Day 8

Hey how are you?
I’ve admittedly been slacking on this blogging thing lately. I definitely had the wind taken out of my sails by the laptop theft/car death double whammy. But I got back in the proverbial saddle last night and brought my guitar down to Powell St Bart Station.

I’ve been doing a little more songwriting the past few days so I figured it was time to take their humble beginnings to the street. The Powell Bart is sort of coveted spot amongst SF buskers. It’s a prime hub for people using BART and MUNI and its also got a lot of tourism going in the area. The Powell station is a pretty big station with three good busking spots (this area is also called “The Pitch” – just like the playing field for Cricket). So I got to the first spot that has ALWAYS been taken every single time I go out so my expectations weren’t very high for getting it. And I was right, it was taken by an upright bass and singer/songwriter. So I made my way to the next spot which was occupied by a cellist. So I kept on walking to the next section. As I approached the next pitch I heard a sound that was so good, it might as well have been like it my first time hearing The Beatles again. I rounded the corner and there was this older black man with gray and balding hair sitting on a milk crate leaning against the wall wearing bright red and white adidas shoes that he was stopping with great gusto to the beat of his completely down tuned guitar. I think he had it tuned to Db, but I couldn’t tell for sure. I think it was basically just tuned to his voice – which was AMAZING.

He had a little family of four gathered around him listening. And I definitely felt the pull to stick around myself. So I did. As he finished his song – I started clapping – then the family started clapping. And then this dude talked to the family for about ten minutes as I eavesdropped and took careful note of each of his words.

This dude was a master busker.

After the family had finished talking to him, he started into his arrangement of Otis Redding’s “Sitting On the Dock of the Bay.” This is a song that I know inside out and cover myself, so I knew we would at least have something to talk about when he finished. Not that I wanted his song to end, because the only word I have for him is AMAZING.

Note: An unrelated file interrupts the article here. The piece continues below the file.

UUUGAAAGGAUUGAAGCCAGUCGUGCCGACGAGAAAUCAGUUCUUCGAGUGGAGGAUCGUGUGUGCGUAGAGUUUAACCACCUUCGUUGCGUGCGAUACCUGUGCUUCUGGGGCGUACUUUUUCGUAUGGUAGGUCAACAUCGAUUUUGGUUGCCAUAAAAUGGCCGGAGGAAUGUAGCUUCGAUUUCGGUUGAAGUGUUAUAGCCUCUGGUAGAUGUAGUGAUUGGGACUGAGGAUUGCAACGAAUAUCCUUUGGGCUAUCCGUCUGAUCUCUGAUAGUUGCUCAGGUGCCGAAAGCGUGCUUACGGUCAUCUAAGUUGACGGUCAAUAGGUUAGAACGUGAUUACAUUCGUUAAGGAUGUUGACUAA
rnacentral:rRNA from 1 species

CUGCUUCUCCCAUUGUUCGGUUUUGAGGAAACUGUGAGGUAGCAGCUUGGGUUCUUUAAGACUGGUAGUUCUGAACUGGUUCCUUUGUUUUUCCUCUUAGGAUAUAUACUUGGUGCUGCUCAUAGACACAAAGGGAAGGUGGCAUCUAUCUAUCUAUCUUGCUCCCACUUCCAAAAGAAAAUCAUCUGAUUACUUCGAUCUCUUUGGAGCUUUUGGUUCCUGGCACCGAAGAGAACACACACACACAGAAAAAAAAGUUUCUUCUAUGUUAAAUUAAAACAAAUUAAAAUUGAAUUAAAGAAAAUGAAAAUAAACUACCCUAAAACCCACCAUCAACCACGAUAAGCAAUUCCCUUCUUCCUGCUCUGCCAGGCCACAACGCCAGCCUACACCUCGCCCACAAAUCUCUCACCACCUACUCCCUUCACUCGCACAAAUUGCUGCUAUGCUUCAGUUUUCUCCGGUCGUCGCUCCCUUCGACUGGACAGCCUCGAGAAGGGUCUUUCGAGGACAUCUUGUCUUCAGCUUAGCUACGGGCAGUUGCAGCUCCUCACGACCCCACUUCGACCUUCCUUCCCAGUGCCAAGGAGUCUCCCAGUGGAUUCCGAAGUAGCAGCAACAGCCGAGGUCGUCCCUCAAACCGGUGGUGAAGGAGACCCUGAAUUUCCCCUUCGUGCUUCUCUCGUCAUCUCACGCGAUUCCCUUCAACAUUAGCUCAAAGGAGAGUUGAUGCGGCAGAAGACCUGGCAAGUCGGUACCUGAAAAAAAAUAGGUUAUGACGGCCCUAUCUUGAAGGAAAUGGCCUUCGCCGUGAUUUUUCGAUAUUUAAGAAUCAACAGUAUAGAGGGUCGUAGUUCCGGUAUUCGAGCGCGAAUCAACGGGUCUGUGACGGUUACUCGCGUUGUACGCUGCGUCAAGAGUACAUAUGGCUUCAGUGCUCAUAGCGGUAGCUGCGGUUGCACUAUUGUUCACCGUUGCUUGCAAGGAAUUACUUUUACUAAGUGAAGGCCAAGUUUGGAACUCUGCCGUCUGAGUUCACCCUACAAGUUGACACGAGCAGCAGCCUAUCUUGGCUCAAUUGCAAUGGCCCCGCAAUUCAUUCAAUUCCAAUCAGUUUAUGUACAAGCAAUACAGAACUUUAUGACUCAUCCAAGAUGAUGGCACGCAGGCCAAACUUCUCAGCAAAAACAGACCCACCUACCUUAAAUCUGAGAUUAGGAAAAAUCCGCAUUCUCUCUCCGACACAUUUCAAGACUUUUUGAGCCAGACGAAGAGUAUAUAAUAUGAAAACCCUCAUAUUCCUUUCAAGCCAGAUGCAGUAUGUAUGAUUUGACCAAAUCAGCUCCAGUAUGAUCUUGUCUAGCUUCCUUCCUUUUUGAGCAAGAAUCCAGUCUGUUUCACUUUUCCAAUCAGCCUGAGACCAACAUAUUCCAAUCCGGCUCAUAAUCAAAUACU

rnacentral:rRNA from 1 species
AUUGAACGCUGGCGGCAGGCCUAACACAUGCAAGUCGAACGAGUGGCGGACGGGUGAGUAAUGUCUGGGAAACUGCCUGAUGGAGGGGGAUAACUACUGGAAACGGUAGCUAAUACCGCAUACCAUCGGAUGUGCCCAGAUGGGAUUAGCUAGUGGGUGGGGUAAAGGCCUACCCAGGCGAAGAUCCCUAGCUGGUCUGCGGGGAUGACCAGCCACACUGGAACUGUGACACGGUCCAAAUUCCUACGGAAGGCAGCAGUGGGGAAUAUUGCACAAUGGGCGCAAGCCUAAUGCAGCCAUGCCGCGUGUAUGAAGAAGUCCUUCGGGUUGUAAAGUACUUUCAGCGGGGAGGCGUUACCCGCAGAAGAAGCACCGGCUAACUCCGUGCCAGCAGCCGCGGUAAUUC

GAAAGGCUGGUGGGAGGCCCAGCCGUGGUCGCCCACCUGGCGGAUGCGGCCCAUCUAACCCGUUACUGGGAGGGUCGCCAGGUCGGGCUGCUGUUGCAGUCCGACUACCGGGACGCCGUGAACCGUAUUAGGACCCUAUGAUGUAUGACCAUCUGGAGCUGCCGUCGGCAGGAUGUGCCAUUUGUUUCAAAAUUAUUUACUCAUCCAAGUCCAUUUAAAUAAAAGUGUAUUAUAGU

Eventually he finished after adding a couple more verses that I’m pretty sure he just made up on the spot. But he didn’t have the whistles, which totally make the song for me.

I asked him what his name was.
“An Swer,” He said. “I’ve made my way through the questions of life like a blackhole in the universe and reemerged a changed man with a black hand.”
I couldn’t help but smile at his poetry.
I sat down and listened to his next song. He was AMAZING. He kept such a steady beat with red and white adidas’, and he made such an effort to engage with all the passersby.
“I love that pink skirt.” He would say to one lady.
“I love that red hat.” He would say to the next.
If someone that looked hispanic walked by he would say “Buenos Dios Que Pasa Amigo.”
If someone that looked Japanese walked by he said “Konichiwa.”
It was especially funny when he used his Spanglish to usher over a couple of dudes from Afghanistan.
“I’m not mexican man, I’m Afghan!” The Afghan said.
To which An Swer replied “A Salaamakim.”

After about twenty minutes of watching him work I asked him if I could join in. He readily agreed and I had the time of my life banging on my guitar and stomping my feet.
We got lots of smiles. And the Afghan dude actually gave us his half-full bottle of jack daniels. An Swer of course offered me a couple of nips.
When he finished, he complimented my guitar playing and told me that he was looking for a bassist to get paid. That could be a lot of fun.

Then he left and I played my songs and made eight bucks. A nice day.

I’m excited to get back out in the grinder soon and try out all the new tricks I learned from An Swer.

Until then I could sure use a little help:

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